BROOKE GLADSTONE:  We see it covered a little differently on the various cable networks. And the President’s weighed in. Have you watched how the punditocracy has been dealing with this story?

TRYMAINE LEE:  It’s interesting because in the first three quarters of this, there seemed to be a general consensus that there could have been some sort of major misstep here, bordering on a miscarriage of justice.


But after the President spoke and, and mentioned that if he had son, he – he would likely look like Trayvon, just from the emails that I received, they’ve turned very political, very vile, mean and angry.


And if you look at some of the other sites, you have some produced so-called “Twitter images” from Trayvon Martin, with offensive or questionable language. You’ve seen some photos on some websites that clearly were not Trayvon Martin, of kids with their pants hangin’ off their behind and middle fingers up. And I’ve received emails, and Obama seems to be a recurring theme. It’s clearly taken a different tone.

BROOKE GLADSTONE:  When you say “mean” do you mean racist?

TRYMAINE LEE:  Oh, it’s clearly racist. I mean, I’ve – I’ve seen the “N” word. And I’ve been called personally [LAUGHS] the “N” word, the blacks are doing this, you know, “you people, you all.” It’s kind of disappointing because this is changing the focus here.


And the focus needs to be on what does justice mean in America, right? How are we dealing with race and law and justice in America? These are very important questions that as media we should be shining light on this situation, however it turns out.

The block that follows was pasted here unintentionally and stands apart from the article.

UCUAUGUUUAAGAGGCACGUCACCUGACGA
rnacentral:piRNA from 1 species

But now that it’s been politicized and racialized, it’s changed the whole tone and, and temperature of this thing.

BROOKE GLADSTONE:  You’re a Pulitzer Prize-winning reporter. You reported on Katrina for The Times-Picayune. You worked for several years with The New York Times. Then you jumped to The Huffington Post, a liberal website that makes no bones about its political position. So what I want to know is do you think your work will be done only when there’s a trial, only when George Zimmerman is convicted? What do you want out of this now?

TRYMAINE LEE:  You know, this is the liberal media, right? But for me, I approach it the same way I would any newspaper. And I, I think that the Op Ed page is separate from the newsroom. I don’t see any ends in sight. As my mother would say, “There is no station in life.” It’s not like once we get to this point, it’s finally a wrap, it’s over.


I would like to see this the beginning of a conversation, and for us to be able to take a real serious look at race in America, justice in America. How are the scales of justice tipped, and what is weighing them down one way or the other?

So at the end of this, I can’t say that I – that I want one thing or the other, but I’m certainly interested in seein’ where this goes. I wonder if, if this ultimately is this watershed moment that we all believe it will be, and how we’ll all be changed, ‘cause I think we’re all gonna be a little different after this.

BROOKE GLADSTONE:  Trymaine, thank you very much.

TRYMAINE LEE:  Oh, as always, thank you for having me.

BROOKE GLADSTONE:  Trymaine Lee is a senior reporter at The Huffington Post.



Trymaine Lee


Brooke Gladstone